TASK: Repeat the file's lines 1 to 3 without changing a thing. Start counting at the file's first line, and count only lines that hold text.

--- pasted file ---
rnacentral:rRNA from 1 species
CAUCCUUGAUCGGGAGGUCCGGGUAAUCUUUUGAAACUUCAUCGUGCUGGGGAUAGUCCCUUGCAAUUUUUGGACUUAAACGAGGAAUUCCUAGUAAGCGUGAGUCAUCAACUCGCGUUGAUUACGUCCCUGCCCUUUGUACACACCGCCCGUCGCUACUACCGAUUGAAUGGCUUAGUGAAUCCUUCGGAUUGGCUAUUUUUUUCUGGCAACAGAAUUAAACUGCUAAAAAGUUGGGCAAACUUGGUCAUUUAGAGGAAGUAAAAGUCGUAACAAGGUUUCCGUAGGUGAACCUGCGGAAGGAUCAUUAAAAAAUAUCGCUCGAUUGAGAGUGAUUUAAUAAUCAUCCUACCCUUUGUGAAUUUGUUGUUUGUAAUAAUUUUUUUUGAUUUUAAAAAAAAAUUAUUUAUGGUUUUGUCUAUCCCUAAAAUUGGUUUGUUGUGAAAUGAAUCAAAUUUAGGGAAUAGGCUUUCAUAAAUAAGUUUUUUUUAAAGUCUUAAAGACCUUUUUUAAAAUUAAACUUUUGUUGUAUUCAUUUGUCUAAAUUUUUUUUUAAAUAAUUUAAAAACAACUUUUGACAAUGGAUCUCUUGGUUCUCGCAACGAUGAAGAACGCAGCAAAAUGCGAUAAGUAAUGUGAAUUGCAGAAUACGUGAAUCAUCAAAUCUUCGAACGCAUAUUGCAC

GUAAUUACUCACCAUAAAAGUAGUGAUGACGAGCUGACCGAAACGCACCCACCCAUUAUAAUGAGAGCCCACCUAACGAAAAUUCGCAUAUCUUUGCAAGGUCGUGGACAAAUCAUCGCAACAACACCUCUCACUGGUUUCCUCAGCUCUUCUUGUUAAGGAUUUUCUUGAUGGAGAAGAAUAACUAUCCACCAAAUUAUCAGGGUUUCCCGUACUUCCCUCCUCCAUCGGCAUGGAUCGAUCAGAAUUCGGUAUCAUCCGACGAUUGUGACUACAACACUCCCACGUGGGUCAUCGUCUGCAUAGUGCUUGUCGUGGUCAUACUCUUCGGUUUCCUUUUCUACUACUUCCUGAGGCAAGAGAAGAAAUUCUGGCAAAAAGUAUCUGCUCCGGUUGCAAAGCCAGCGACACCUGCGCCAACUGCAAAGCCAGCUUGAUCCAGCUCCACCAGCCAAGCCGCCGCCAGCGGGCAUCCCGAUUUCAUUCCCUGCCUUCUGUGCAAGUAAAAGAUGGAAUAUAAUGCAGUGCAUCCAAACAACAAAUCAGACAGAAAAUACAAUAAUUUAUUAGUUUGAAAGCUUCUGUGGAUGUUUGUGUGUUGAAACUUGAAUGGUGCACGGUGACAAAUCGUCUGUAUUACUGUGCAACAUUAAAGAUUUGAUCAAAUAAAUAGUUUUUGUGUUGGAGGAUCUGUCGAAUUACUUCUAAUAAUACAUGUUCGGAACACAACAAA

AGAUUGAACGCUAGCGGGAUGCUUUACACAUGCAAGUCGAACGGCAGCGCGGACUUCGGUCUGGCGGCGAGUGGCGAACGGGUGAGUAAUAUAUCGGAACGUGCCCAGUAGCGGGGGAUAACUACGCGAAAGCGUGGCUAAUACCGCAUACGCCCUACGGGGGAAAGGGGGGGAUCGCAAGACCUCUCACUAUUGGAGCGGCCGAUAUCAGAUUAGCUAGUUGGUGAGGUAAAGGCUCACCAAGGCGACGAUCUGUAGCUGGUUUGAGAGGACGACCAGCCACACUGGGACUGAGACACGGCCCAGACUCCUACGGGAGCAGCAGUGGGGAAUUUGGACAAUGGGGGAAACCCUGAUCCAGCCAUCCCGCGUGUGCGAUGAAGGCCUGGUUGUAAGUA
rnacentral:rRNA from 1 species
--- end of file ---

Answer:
rnacentral:rRNA from 1 species
CAUCCUUGAUCGGGAGGUCCGGGUAAUCUUUUGAAACUUCAUCGUGCUGGGGAUAGUCCCUUGCAAUUUUUGGACUUAAACGAGGAAUUCCUAGUAAGCGUGAGUCAUCAACUCGCGUUGAUUACGUCCCUGCCCUUUGUACACACCGCCCGUCGCUACUACCGAUUGAAUGGCUUAGUGAAUCCUUCGGAUUGGCUAUUUUUUUCUGGCAACAGAAUUAAACUGCUAAAAAGUUGGGCAAACUUGGUCAUUUAGAGGAAGUAAAAGUCGUAACAAGGUUUCCGUAGGUGAACCUGCGGAAGGAUCAUUAAAAAAUAUCGCUCGAUUGAGAGUGAUUUAAUAAUCAUCCUACCCUUUGUGAAUUUGUUGUUUGUAAUAAUUUUUUUUGAUUUUAAAAAAAAAUUAUUUAUGGUUUUGUCUAUCCCUAAAAUUGGUUUGUUGUGAAAUGAAUCAAAUUUAGGGAAUAGGCUUUCAUAAAUAAGUUUUUUUUAAAGUCUUAAAGACCUUUUUUAAAAUUAAACUUUUGUUGUAUUCAUUUGUCUAAAUUUUUUUUUAAAUAAUUUAAAAACAACUUUUGACAAUGGAUCUCUUGGUUCUCGCAACGAUGAAGAACGCAGCAAAAUGCGAUAAGUAAUGUGAAUUGCAGAAUACGUGAAUCAUCAAAUCUUCGAACGCAUAUUGCAC

GUAAUUACUCACCAUAAAAGUAGUGAUGACGAGCUGACCGAAACGCACCCACCCAUUAUAAUGAGAGCCCACCUAACGAAAAUUCGCAUAUCUUUGCAAGGUCGUGGACAAAUCAUCGCAACAACACCUCUCACUGGUUUCCUCAGCUCUUCUUGUUAAGGAUUUUCUUGAUGGAGAAGAAUAACUAUCCACCAAAUUAUCAGGGUUUCCCGUACUUCCCUCCUCCAUCGGCAUGGAUCGAUCAGAAUUCGGUAUCAUCCGACGAUUGUGACUACAACACUCCCACGUGGGUCAUCGUCUGCAUAGUGCUUGUCGUGGUCAUACUCUUCGGUUUCCUUUUCUACUACUUCCUGAGGCAAGAGAAGAAAUUCUGGCAAAAAGUAUCUGCUCCGGUUGCAAAGCCAGCGACACCUGCGCCAACUGCAAAGCCAGCUUGAUCCAGCUCCACCAGCCAAGCCGCCGCCAGCGGGCAUCCCGAUUUCAUUCCCUGCCUUCUGUGCAAGUAAAAGAUGGAAUAUAAUGCAGUGCAUCCAAACAACAAAUCAGACAGAAAAUACAAUAAUUUAUUAGUUUGAAAGCUUCUGUGGAUGUUUGUGUGUUGAAACUUGAAUGGUGCACGGUGACAAAUCGUCUGUAUUACUGUGCAACAUUAAAGAUUUGAUCAAAUAAAUAGUUUUUGUGUUGGAGGAUCUGUCGAAUUACUUCUAAUAAUACAUGUUCGGAACACAACAAA